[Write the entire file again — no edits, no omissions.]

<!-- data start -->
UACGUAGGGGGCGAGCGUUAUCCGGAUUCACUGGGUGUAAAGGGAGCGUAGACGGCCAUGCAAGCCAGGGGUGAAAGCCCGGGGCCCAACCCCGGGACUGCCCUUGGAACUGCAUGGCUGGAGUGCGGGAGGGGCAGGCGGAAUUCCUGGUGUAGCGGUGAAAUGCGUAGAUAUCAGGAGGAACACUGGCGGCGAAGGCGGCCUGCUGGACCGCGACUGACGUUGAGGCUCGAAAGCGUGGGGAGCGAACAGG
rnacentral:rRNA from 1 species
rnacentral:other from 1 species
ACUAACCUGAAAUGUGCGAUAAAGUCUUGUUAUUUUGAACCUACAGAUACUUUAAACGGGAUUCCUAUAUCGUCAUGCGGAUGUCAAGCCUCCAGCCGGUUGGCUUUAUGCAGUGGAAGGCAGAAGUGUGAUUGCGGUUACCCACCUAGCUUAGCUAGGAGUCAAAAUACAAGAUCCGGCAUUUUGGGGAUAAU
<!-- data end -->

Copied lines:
UACGUAGGGGGCGAGCGUUAUCCGGAUUCACUGGGUGUAAAGGGAGCGUAGACGGCCAUGCAAGCCAGGGGUGAAAGCCCGGGGCCCAACCCCGGGACUGCCCUUGGAACUGCAUGGCUGGAGUGCGGGAGGGGCAGGCGGAAUUCCUGGUGUAGCGGUGAAAUGCGUAGAUAUCAGGAGGAACACUGGCGGCGAAGGCGGCCUGCUGGACCGCGACUGACGUUGAGGCUCGAAAGCGUGGGGAGCGAACAGG
rnacentral:rRNA from 1 species
rnacentral:other from 1 species
ACUAACCUGAAAUGUGCGAUAAAGUCUUGUUAUUUUGAACCUACAGAUACUUUAAACGGGAUUCCUAUAUCGUCAUGCGGAUGUCAAGCCUCCAGCCGGUUGGCUUUAUGCAGUGGAAGGCAGAAGUGUGAUUGCGGUUACCCACCUAGCUUAGCUAGGAGUCAAAAUACAAGAUCCGGCAUUUUGGGGAUAAU